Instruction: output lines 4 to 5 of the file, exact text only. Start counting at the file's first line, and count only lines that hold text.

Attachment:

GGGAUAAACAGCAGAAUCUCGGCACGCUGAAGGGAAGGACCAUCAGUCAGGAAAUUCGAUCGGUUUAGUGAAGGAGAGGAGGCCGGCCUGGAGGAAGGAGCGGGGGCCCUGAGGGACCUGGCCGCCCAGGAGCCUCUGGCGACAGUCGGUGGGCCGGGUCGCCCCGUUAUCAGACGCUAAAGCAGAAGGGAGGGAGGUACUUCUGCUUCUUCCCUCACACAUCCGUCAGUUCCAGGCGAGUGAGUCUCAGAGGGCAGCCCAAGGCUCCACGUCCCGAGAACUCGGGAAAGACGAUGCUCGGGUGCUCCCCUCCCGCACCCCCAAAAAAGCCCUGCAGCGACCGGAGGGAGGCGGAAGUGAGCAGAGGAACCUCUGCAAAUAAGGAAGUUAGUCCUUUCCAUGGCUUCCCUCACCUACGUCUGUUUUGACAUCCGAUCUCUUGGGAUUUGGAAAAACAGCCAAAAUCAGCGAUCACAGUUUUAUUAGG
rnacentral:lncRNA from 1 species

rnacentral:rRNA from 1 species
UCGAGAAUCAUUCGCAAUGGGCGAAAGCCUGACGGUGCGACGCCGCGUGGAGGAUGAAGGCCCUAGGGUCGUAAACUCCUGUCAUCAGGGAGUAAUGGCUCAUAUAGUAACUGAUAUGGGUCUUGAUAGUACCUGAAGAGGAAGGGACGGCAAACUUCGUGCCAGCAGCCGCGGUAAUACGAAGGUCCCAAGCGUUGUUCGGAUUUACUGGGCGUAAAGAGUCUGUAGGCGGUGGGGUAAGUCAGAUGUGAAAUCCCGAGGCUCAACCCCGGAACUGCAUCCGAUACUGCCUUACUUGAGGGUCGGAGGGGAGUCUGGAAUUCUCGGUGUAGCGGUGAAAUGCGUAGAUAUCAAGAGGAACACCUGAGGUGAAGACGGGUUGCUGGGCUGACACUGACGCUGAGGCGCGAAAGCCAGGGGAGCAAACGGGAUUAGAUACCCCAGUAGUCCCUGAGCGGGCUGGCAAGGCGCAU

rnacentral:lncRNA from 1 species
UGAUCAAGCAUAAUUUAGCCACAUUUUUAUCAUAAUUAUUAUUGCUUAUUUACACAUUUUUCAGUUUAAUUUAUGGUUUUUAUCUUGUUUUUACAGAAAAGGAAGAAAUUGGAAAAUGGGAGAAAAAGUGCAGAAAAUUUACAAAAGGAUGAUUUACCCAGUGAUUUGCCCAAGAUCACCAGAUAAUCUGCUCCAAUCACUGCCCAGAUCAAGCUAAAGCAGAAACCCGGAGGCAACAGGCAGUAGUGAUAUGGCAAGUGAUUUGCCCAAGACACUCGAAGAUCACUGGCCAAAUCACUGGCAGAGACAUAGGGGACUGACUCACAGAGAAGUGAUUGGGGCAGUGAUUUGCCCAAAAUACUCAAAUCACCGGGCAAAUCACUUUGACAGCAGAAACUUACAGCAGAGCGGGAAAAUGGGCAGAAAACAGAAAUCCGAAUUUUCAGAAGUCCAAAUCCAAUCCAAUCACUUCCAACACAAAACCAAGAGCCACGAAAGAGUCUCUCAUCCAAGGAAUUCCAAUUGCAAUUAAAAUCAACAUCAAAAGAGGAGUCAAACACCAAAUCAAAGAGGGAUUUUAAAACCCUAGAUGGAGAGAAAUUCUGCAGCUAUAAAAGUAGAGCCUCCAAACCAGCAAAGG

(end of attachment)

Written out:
UCGAGAAUCAUUCGCAAUGGGCGAAAGCCUGACGGUGCGACGCCGCGUGGAGGAUGAAGGCCCUAGGGUCGUAAACUCCUGUCAUCAGGGAGUAAUGGCUCAUAUAGUAACUGAUAUGGGUCUUGAUAGUACCUGAAGAGGAAGGGACGGCAAACUUCGUGCCAGCAGCCGCGGUAAUACGAAGGUCCCAAGCGUUGUUCGGAUUUACUGGGCGUAAAGAGUCUGUAGGCGGUGGGGUAAGUCAGAUGUGAAAUCCCGAGGCUCAACCCCGGAACUGCAUCCGAUACUGCCUUACUUGAGGGUCGGAGGGGAGUCUGGAAUUCUCGGUGUAGCGGUGAAAUGCGUAGAUAUCAAGAGGAACACCUGAGGUGAAGACGGGUUGCUGGGCUGACACUGACGCUGAGGCGCGAAAGCCAGGGGAGCAAACGGGAUUAGAUACCCCAGUAGUCCCUGAGCGGGCUGGCAAGGCGCAU

rnacentral:lncRNA from 1 species